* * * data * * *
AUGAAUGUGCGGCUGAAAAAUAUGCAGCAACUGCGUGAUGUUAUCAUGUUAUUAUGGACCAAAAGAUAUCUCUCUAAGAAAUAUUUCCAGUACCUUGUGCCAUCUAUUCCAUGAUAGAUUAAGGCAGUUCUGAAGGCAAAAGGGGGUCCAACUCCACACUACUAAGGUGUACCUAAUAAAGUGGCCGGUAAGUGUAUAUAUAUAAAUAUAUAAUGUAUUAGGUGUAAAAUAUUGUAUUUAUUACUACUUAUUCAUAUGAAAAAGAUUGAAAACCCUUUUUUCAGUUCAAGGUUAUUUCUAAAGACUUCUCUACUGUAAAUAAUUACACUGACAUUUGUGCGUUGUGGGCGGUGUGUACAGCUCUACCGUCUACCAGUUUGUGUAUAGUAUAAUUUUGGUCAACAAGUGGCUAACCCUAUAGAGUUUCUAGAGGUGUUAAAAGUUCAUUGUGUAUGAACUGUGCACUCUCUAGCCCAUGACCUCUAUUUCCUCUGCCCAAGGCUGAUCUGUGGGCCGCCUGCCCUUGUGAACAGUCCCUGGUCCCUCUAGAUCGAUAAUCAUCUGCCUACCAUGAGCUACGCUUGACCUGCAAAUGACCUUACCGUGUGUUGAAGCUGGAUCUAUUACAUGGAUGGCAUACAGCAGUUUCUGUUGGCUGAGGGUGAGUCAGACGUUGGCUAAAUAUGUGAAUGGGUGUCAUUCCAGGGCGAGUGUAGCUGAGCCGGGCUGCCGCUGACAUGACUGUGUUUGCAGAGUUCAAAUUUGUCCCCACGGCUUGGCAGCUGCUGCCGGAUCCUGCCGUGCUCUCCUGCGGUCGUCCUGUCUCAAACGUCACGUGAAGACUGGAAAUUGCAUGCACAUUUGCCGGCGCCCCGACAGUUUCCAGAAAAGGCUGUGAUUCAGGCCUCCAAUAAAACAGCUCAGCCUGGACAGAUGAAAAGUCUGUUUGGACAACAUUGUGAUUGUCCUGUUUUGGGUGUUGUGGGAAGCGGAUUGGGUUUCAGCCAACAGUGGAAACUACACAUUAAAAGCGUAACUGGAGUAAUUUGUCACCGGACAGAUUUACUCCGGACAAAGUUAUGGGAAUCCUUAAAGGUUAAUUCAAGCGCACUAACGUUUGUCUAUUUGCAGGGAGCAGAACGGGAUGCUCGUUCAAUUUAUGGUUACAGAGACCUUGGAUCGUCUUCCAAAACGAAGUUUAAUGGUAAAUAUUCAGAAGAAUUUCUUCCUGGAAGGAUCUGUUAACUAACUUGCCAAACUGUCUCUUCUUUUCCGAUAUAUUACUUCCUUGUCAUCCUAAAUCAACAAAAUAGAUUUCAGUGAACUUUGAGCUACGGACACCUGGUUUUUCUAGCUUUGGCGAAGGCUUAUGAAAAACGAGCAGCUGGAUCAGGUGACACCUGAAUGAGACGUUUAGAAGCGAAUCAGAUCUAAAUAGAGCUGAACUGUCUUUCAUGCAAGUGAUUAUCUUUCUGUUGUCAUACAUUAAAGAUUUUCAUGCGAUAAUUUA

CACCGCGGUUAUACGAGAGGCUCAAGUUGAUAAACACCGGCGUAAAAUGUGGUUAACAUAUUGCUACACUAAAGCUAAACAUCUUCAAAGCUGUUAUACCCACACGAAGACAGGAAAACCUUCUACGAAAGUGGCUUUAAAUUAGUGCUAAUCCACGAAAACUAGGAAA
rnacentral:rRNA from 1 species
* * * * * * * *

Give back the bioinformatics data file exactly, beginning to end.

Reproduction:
AUGAAUGUGCGGCUGAAAAAUAUGCAGCAACUGCGUGAUGUUAUCAUGUUAUUAUGGACCAAAAGAUAUCUCUCUAAGAAAUAUUUCCAGUACCUUGUGCCAUCUAUUCCAUGAUAGAUUAAGGCAGUUCUGAAGGCAAAAGGGGGUCCAACUCCACACUACUAAGGUGUACCUAAUAAAGUGGCCGGUAAGUGUAUAUAUAUAAAUAUAUAAUGUAUUAGGUGUAAAAUAUUGUAUUUAUUACUACUUAUUCAUAUGAAAAAGAUUGAAAACCCUUUUUUCAGUUCAAGGUUAUUUCUAAAGACUUCUCUACUGUAAAUAAUUACACUGACAUUUGUGCGUUGUGGGCGGUGUGUACAGCUCUACCGUCUACCAGUUUGUGUAUAGUAUAAUUUUGGUCAACAAGUGGCUAACCCUAUAGAGUUUCUAGAGGUGUUAAAAGUUCAUUGUGUAUGAACUGUGCACUCUCUAGCCCAUGACCUCUAUUUCCUCUGCCCAAGGCUGAUCUGUGGGCCGCCUGCCCUUGUGAACAGUCCCUGGUCCCUCUAGAUCGAUAAUCAUCUGCCUACCAUGAGCUACGCUUGACCUGCAAAUGACCUUACCGUGUGUUGAAGCUGGAUCUAUUACAUGGAUGGCAUACAGCAGUUUCUGUUGGCUGAGGGUGAGUCAGACGUUGGCUAAAUAUGUGAAUGGGUGUCAUUCCAGGGCGAGUGUAGCUGAGCCGGGCUGCCGCUGACAUGACUGUGUUUGCAGAGUUCAAAUUUGUCCCCACGGCUUGGCAGCUGCUGCCGGAUCCUGCCGUGCUCUCCUGCGGUCGUCCUGUCUCAAACGUCACGUGAAGACUGGAAAUUGCAUGCACAUUUGCCGGCGCCCCGACAGUUUCCAGAAAAGGCUGUGAUUCAGGCCUCCAAUAAAACAGCUCAGCCUGGACAGAUGAAAAGUCUGUUUGGACAACAUUGUGAUUGUCCUGUUUUGGGUGUUGUGGGAAGCGGAUUGGGUUUCAGCCAACAGUGGAAACUACACAUUAAAAGCGUAACUGGAGUAAUUUGUCACCGGACAGAUUUACUCCGGACAAAGUUAUGGGAAUCCUUAAAGGUUAAUUCAAGCGCACUAACGUUUGUCUAUUUGCAGGGAGCAGAACGGGAUGCUCGUUCAAUUUAUGGUUACAGAGACCUUGGAUCGUCUUCCAAAACGAAGUUUAAUGGUAAAUAUUCAGAAGAAUUUCUUCCUGGAAGGAUCUGUUAACUAACUUGCCAAACUGUCUCUUCUUUUCCGAUAUAUUACUUCCUUGUCAUCCUAAAUCAACAAAAUAGAUUUCAGUGAACUUUGAGCUACGGACACCUGGUUUUUCUAGCUUUGGCGAAGGCUUAUGAAAAACGAGCAGCUGGAUCAGGUGACACCUGAAUGAGACGUUUAGAAGCGAAUCAGAUCUAAAUAGAGCUGAACUGUCUUUCAUGCAAGUGAUUAUCUUUCUGUUGUCAUACAUUAAAGAUUUUCAUGCGAUAAUUUA

CACCGCGGUUAUACGAGAGGCUCAAGUUGAUAAACACCGGCGUAAAAUGUGGUUAACAUAUUGCUACACUAAAGCUAAACAUCUUCAAAGCUGUUAUACCCACACGAAGACAGGAAAACCUUCUACGAAAGUGGCUUUAAAUUAGUGCUAAUCCACGAAAACUAGGAAA
rnacentral:rRNA from 1 species